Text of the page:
STEUBENVILLE - A proposed water rate increase that inspired a two-hour debate during a townhall meeting was passed by a 5-2 margin Tuesday night and a promise to monitor plans to crack down on delinquent water customers.
"I am asking our new city manager, Tim Boland, and Water Department Superintendent Mike Wigal to prepare for a meeting in March to update the council and the residents on a plan of action to go after the delinquent water accounts and how we are going to stop water leaks in the city," 3rd Ward Councilman Greg Metcalf announced following his vote in favor of the $6.50 water bill increase for minimum usage customers.
Customers who use more than the standard 2,000 gallons a month will pay $1.30 for every additional 1,000 gallons of water every month.
A WARNING — Steubenville resident Joseph Smarrella warned city council members Tuesday night their vote in favor of a water rate increase will come back to haunt them in the future. Smarrella was one of approximately 45 city residents who attended a town hall meeting Tuesday night at Eastern Gateway Community College to discuss the proposed rate increase. -- Dave Gossett
The new rate will go into effect in early February.
Sixth Ward Councilman Bob Villamagna joined 1st Ward Councilman Gerald DiLoreto to vote against the rate increase.
"There is plenty of blame to go around in the past. We saw a former administration take money from the water fund to help pay for a new city building that has no janitor, no receptionist and no money for maintenance work. We have delinquent water accounts. I want to see a written policy for the water infrastructure improvement fund and what the money will be used for. I would also like to see our elderly citizens, who have paid their water bills on time for their entire lives, receive a 10 percent discount. We need more details on this hike. We need the rates increased but not right now," declared Villamagna.
"I am for a rate increase under certain conditions. I pay my water bill every month and I believe everyone else should pay their bill. At the end of July, we had 5,065 uncollected water accounts. There was $2,999,440.34 that could not be collected. Everyone has to pay their bills," noted DiLoreto.
Several of the approximately 45 residents who attended the two-hour townhall meeting at Eastern Gateway Community College addressed the delinquent water account issue and questioned why the city isn't doing more to see past due bills paid.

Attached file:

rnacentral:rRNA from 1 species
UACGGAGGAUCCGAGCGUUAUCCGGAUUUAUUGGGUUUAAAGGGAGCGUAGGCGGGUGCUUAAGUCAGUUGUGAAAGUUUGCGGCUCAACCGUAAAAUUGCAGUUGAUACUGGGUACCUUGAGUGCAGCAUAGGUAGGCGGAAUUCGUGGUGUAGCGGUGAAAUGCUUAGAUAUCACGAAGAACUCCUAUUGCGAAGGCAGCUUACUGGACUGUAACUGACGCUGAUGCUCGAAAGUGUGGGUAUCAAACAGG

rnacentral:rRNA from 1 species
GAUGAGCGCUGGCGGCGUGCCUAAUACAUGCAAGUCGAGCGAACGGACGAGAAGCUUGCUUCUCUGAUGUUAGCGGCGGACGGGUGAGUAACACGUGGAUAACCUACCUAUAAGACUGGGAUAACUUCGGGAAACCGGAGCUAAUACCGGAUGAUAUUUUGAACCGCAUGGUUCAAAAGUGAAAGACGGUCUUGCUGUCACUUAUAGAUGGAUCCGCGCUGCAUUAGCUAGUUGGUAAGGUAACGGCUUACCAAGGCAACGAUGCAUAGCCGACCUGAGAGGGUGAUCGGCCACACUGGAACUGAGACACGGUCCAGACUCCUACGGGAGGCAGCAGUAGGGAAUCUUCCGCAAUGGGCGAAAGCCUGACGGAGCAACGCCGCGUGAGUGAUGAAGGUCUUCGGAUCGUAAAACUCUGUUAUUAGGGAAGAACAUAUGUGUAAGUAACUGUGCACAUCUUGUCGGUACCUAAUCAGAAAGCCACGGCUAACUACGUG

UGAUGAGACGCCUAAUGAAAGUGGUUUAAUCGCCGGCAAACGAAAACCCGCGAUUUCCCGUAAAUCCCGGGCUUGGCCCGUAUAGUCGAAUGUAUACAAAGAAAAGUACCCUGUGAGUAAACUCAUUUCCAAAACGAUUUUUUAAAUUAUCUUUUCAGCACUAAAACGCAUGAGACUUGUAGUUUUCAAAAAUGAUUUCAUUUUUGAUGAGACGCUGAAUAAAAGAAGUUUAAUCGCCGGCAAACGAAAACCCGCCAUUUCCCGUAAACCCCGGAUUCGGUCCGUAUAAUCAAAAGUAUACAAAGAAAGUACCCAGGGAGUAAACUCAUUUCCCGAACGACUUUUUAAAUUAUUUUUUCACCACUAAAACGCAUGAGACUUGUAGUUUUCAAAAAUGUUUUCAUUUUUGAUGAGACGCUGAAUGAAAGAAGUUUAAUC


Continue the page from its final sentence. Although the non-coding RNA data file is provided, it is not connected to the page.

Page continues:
"The system is absolutely broken. If I don't pay my water bill and you don't do anything then I will continue to not pay my bill," stated Larry Thomaselli.
According to Law Director S. Gary Repella, "if the city issues a shut-off notice to a delinquent water customer the customer has the right to go to the delinquent water appeals board. We usually see 10 to 20 people every month and they usually ask for some relief. We try to put them on a payment plan. And, unfortunately we have a number of people who are considered uncollectable. They may be on a disability, Social Security or some type of assistance."
"I think we should go after the delinquent accounts. I also think we should have a monthly Utility Committee meeting to look at the delinquent accounts and to start examining the unbillable water accounts such as the Jim Wood splash pad, the Belleview Pool and water used to put out fires. We can't charge for that water, but we would know how much water is produced that can't be billed," said 5th Ward Councilman Willie Paul.
Second Ward Councilman Mike Johnson said he will propose legislation to change the city policy to make property owners financially responsible for tenant water bills.
Teresa DiCarlantonio of the Hilltop Community Development Corp. said residents in the Pleasant Heights and LaBelle neighborhoods are concerned new water lines in the city will create higher pressure on their residential service lines.
"That will cost the homeowners money to replace their service lines. Why can't the city pay for the new services lines?" DiCarlantonio asked.
"I understand the concern about replacing service lines. But, I also understand the age of our infrastructure. This plan to raise rates and to create a water infrastructure improvement fund comes down to our aging infrastructure and our water delivery service," responded Wigal.
City resident Joe Scalise said the issue was, "a question of trust and credibility. I would feel more comfortable the money from the increase is going to be used responsibly."
"Let me assure you the city administration staff will evaluate our water system and put together a plan that makes sense. We need to go after every grant available to us. We need to improve our collection process and we need new meters that will accurately and timely read all water consumption.," stated Mayor Domenick Mucci.
In other business Tuesday night, council approved a new table of organization for city employees to reflect a 2.75 percent pay raise for fire department employees.
A 13 month contract was approved in December for the International Association of Firefighters Local 228.
Council heard the second reading of an ordinance creating regulations for vacant properties in the city, and also heard the second readings for legislation regarding the city building code.
And, a second reading was heard for an ordinance approving a purchase order for more than $3,000.
Mayor Domenick Mucci announced Metcalf will chair four council committees in 2014 including finance, service, public utilities and economic development. DiLoreto will chair the transportation and pride committees while Paul will chair the safety and health committee and Davis will chair the recreation committee.
The Finance Committee will meet at 6:30 p.m. Tuesday in executive session to discuss personnel and the Utility Committee will meet in public at 6:45 p.m. to continue discussions on delinquent water accounts.